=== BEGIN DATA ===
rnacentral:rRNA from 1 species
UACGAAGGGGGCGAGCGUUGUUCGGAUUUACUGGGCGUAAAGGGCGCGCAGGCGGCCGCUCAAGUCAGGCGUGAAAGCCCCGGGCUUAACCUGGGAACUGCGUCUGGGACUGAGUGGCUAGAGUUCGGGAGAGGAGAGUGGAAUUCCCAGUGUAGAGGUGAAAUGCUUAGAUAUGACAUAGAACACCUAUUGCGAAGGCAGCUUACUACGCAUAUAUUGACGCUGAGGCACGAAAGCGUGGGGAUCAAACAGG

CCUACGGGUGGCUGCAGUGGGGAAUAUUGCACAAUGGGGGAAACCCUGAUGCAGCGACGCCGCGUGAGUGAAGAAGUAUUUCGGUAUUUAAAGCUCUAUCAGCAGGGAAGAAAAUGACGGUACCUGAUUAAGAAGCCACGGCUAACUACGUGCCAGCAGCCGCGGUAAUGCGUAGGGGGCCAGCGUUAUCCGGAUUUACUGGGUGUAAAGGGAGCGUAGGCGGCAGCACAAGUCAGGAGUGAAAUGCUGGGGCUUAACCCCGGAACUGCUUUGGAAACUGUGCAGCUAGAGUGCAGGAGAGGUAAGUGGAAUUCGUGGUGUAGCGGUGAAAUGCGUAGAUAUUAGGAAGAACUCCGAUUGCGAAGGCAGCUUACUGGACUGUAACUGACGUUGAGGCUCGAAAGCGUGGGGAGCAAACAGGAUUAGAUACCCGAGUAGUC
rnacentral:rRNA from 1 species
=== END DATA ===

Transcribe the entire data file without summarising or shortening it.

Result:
rnacentral:rRNA from 1 species
UACGAAGGGGGCGAGCGUUGUUCGGAUUUACUGGGCGUAAAGGGCGCGCAGGCGGCCGCUCAAGUCAGGCGUGAAAGCCCCGGGCUUAACCUGGGAACUGCGUCUGGGACUGAGUGGCUAGAGUUCGGGAGAGGAGAGUGGAAUUCCCAGUGUAGAGGUGAAAUGCUUAGAUAUGACAUAGAACACCUAUUGCGAAGGCAGCUUACUACGCAUAUAUUGACGCUGAGGCACGAAAGCGUGGGGAUCAAACAGG

CCUACGGGUGGCUGCAGUGGGGAAUAUUGCACAAUGGGGGAAACCCUGAUGCAGCGACGCCGCGUGAGUGAAGAAGUAUUUCGGUAUUUAAAGCUCUAUCAGCAGGGAAGAAAAUGACGGUACCUGAUUAAGAAGCCACGGCUAACUACGUGCCAGCAGCCGCGGUAAUGCGUAGGGGGCCAGCGUUAUCCGGAUUUACUGGGUGUAAAGGGAGCGUAGGCGGCAGCACAAGUCAGGAGUGAAAUGCUGGGGCUUAACCCCGGAACUGCUUUGGAAACUGUGCAGCUAGAGUGCAGGAGAGGUAAGUGGAAUUCGUGGUGUAGCGGUGAAAUGCGUAGAUAUUAGGAAGAACUCCGAUUGCGAAGGCAGCUUACUGGACUGUAACUGACGUUGAGGCUCGAAAGCGUGGGGAGCAAACAGGAUUAGAUACCCGAGUAGUC
rnacentral:rRNA from 1 species